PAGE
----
42 Degres (9th) vegan, meals, cakes. Open 12noon-3pm/7-10.30pm.

La Maison du Sans Gluten (10th /Opera outskirts) supermarket/bakery products (breads, croissants, pasta). Open 10am-7.30pm. Closed Sundays.

Onyriza (10th Opera outskirts) fruit tarts, pastries, cakes, café meals. Open 10.30am-7/7.30pm. Closed Sunday & Monday.

Nous (9th&10th - 3 stores) restaurant. Open 7 days 12 noon-3pm/7-10.30pm

Marais District:

Chambelland Bakery (11th) breads, pastries, café. Open 9am-8pm. Closed Monday

Thank You, My Deer (11th) bakery, café, waffles. Open 8.30/10.30am-3/5pm. Closed Monday.

Café Pinson (3rd& 10th - 2 stores) vegan. Open 7 days 9am-10pm

Chez Alain MiamMiam (3rd) buckwheat galettes specialty. Open 9am-3pm. Closed Monday & Tuesday.

BigloveCaffe (3rd) pizza, lunch/dinner. Open 12-2.30pm/7-10.30pm. Open 7 days.

La Guingenetted'Angele(11th)café, lunch. Open 11am-3.30pm. Closed Sat-Mon

Breizh Café (3rd) crepes, buckwheat galettes, breton specialty, delicatessen. Open 7 days 11.30am-10pm. Reservations a must 3 weeks in advance.

Wild & the Moon (3rd) snacks, salads, vegan. Open 8am-10pm everyday.

Bears &Racoons (11th) sandwiches, cakes, grocery store. Open 11am-3.30pm / 6.30-9.30pm. Closed Sunday.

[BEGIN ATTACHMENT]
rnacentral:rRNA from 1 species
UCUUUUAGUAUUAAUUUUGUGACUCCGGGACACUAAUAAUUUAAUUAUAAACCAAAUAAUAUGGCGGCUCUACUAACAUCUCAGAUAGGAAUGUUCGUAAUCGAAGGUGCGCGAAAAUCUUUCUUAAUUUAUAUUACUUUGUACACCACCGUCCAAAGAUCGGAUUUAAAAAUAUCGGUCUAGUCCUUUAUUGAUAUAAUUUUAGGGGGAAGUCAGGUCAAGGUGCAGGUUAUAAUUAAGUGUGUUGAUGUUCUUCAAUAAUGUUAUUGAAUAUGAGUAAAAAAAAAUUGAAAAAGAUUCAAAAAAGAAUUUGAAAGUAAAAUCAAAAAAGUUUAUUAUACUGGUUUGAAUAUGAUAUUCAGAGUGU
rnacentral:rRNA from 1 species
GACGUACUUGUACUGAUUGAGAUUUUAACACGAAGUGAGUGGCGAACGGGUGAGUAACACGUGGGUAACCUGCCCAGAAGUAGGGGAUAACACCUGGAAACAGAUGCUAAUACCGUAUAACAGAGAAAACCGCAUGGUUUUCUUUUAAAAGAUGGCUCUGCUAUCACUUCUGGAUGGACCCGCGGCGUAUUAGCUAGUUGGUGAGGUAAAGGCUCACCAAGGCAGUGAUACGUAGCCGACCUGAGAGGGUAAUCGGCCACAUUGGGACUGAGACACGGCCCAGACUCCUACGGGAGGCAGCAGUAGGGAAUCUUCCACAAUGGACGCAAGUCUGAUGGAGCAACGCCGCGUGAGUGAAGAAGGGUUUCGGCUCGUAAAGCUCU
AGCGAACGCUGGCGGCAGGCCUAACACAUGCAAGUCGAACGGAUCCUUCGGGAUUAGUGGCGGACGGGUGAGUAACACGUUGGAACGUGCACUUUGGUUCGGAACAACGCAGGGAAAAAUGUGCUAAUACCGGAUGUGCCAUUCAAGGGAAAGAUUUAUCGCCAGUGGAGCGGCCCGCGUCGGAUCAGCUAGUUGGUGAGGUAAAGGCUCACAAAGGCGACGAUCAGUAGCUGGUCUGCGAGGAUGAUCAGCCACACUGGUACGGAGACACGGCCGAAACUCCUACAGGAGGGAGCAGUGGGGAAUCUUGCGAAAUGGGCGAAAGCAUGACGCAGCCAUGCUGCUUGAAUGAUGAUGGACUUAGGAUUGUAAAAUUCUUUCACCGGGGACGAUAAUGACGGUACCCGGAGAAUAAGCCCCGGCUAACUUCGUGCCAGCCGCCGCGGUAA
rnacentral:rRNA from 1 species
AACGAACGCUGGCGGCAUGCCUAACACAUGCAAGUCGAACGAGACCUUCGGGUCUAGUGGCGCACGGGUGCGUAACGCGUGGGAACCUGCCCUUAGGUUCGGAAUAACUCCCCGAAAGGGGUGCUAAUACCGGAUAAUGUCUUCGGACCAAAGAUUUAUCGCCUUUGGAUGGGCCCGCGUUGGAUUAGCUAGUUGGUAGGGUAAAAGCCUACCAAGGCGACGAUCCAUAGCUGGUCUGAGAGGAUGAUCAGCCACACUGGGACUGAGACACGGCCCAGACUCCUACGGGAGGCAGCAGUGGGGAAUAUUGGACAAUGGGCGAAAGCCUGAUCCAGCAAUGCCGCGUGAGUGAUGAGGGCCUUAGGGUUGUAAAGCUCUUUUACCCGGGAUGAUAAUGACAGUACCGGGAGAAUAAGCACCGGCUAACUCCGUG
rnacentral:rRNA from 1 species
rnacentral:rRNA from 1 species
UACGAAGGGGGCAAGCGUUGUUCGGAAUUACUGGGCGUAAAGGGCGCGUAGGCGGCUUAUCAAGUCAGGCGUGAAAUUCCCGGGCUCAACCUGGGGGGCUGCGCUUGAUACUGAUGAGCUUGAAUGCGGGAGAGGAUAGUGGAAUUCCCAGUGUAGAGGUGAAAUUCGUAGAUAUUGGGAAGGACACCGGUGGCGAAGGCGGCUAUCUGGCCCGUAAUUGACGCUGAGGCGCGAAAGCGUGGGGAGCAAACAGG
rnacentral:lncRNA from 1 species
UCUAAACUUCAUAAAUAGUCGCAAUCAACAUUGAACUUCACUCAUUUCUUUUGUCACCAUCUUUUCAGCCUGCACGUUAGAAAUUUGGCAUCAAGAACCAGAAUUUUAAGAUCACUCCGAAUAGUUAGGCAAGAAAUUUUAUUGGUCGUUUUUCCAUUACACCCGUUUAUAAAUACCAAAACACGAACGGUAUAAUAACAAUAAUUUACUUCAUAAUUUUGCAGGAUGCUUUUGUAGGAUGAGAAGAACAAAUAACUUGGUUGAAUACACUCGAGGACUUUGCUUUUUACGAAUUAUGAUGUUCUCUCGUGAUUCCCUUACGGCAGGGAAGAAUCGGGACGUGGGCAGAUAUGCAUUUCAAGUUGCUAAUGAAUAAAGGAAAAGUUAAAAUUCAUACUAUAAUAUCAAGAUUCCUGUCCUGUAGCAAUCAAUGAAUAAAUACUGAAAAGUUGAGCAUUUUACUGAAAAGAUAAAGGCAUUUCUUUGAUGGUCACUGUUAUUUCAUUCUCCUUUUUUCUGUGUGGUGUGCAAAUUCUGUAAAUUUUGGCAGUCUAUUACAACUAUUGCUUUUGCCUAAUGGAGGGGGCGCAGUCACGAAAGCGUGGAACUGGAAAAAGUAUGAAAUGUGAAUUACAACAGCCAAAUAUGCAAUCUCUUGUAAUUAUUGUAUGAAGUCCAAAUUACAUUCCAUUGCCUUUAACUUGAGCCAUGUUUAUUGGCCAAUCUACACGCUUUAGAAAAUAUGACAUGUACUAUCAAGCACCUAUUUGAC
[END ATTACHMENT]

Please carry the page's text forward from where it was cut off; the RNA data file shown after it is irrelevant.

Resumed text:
Eat Gluten Free (4th) bakery, pasta, cakes, organic products. Open 11am-1pm / 3-8pm. Closed Monday & Tuesday.

Yummy & Guilt Free (4th) waffles (sweet &savoury), cakes, sorbet. Open 7 days 10/11am-8pm

Left Bank District:

Noglu (7th) bakery & restaurant. Open 11am-6pm. Closed Sundays.

Shakespear& Company Cafe (5th) café (not 100%GF). Open 7 days 9.30am-7/8pm)

Breizh Café (6th) crepes, buckwheat galettes, breton specialty, delicatessen. Open 7 days 11.30am-10pm. Reservations a must 3 weeks in advance.

Loulou Friendly Diner (5th) (not 100% GF). Open 7 days 8am-10.30pm

GluFree (6th) Café, pastries. Open 12noon-4pm. Closed Saturday & Sunday

Champs-Elysee District:

Biosphere Café (8th)creperie, pastries. Bookings recommended. Open 12-6pm (Sat 12-10pm, Sun 11.30-3pm).

Multiple locations:

Laduree (1st, 6th, 7th, 8th, 9th) macarons (not all options)
Grom(2nd, 4th, 5th, 6th) gelatto
Pierre Herme (1st, 2nd, 4th, 6th, 8th, 9th) macarons (not all options)
Naturalia, Bio c'Bon&Pimclo Health Supermarket chains (throughout Paris)


Wherever you're going, remember to take a free gluten free restaurant card with you.

I hope that this celiac travel story has helped you. You can help other celiacs travel more safely by telling me about getting gluten free food in your area - remember where you live is a destination too! Send me a report and I'll let thousands of celiacs know.